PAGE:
Antler Theatre are no strangers to the Edinburgh Fringe, making their debut with This Way Up and Maria, 1968 in 2012. I was lucky enough to see both of these shows back then and really enjoyed this up and coming company’s unique and engaging style of theatre, so I was interested to see their latest project Lands.

A thought-provoking and clever piece of theatre that demonstrates the sheer brilliance of the writing, directing and acting

Meet Sophie and Leah. Sophie can’t stop bouncing on a mini trampoline. Leah obsesses over a 1,000 piece puzzle, marvelling at each piece and also providing humorous narratives for the characters. A lot about this allegorical tragicomedy is open to interpretation. We are unsure of where Sophie and Leah are and what the nature of their relationship is. Are they in their flat, a psychiatric ward? Are they sisters, friends, lovers, fellow patients? The trampoline that Sophie Steer impressively bounces on for the entire hour of the play serves as a very intelligent metaphor for possibly addiction, mental illness or isolation. What starts off as a seemingly funny joke turns into a much more serious issue. It is a very powerful illustration of the struggles those who suffer from addiction and mental illness face. It is not so simple to just stop, as easy as it may seem for someone on the outside.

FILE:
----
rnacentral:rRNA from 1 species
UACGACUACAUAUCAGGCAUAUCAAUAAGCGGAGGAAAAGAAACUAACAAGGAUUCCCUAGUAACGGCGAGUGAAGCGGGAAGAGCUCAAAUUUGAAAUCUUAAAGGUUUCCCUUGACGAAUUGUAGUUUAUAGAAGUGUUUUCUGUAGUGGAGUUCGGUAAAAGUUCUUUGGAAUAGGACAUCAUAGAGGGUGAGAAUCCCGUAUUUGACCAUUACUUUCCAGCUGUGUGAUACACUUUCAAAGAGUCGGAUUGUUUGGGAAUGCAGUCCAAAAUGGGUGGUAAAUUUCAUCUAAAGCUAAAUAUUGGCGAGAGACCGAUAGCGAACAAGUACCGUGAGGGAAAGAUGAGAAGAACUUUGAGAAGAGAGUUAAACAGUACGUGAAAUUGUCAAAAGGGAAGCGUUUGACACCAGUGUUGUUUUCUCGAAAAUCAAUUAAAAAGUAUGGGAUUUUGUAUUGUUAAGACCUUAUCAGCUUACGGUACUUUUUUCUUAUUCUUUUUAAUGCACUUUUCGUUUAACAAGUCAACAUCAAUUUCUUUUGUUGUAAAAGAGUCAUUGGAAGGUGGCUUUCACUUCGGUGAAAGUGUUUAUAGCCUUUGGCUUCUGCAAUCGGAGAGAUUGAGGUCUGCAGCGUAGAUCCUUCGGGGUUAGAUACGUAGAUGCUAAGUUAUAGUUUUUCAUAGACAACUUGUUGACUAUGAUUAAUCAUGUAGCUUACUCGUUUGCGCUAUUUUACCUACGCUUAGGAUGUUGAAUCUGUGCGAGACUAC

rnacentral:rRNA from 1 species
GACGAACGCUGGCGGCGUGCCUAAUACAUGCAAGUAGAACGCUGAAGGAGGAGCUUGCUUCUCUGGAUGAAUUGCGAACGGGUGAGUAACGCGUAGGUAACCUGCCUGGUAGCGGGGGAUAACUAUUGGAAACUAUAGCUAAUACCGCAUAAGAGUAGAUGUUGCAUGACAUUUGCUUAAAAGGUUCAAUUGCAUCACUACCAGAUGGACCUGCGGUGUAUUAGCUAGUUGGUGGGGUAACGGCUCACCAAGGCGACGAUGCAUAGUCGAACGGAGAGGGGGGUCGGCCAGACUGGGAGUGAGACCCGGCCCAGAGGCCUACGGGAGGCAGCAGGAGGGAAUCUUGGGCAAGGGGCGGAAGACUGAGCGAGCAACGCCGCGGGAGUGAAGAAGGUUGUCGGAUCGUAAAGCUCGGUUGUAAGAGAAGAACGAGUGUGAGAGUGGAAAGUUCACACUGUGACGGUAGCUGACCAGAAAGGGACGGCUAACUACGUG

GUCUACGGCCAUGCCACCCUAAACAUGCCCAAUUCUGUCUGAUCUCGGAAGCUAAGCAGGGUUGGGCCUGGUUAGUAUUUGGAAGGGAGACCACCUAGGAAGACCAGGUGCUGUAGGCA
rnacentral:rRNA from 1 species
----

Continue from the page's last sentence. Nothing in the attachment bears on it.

While Leah is unable to understand Sophie’s addiction to the trampoline, Sophie is unable to understand Leah’s fascination with puzzles, but they both try to support one another even though each of them lose their patience at times. They are both isolated in their own lands.

Sophie Steer and Leah Brotherhead do an outstanding job at tackling a very difficult concept. The simplicity of the trampoline and puzzle is genius in highlighting this issue. This play also touches on the difficulties loved ones experience when supporting a family member or friend. This is a thought-provoking and clever piece of theatre that demonstrates the sheer brilliance of the writing, directing and acting Antler Theatre have to offer. 

Reviews by Lynn Rusk

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The Blurb

Two performers, a mini trampoline and a 1000 piece puzzle. Leah and Sophie have been together, here, for a long time. They are happy here. But there’s a problem. There’s a massive f*cking problem, and soon they’re going to have to talk about it. The award-winning Antler return to the fringe with a playful, intimate dissection of a relationship teetering on the edge of collapse. Exploring the impossibility of relationships, our inability to understand one another, and the lands we isolate ourselves on, this is an absurd tragi-comedy for our times.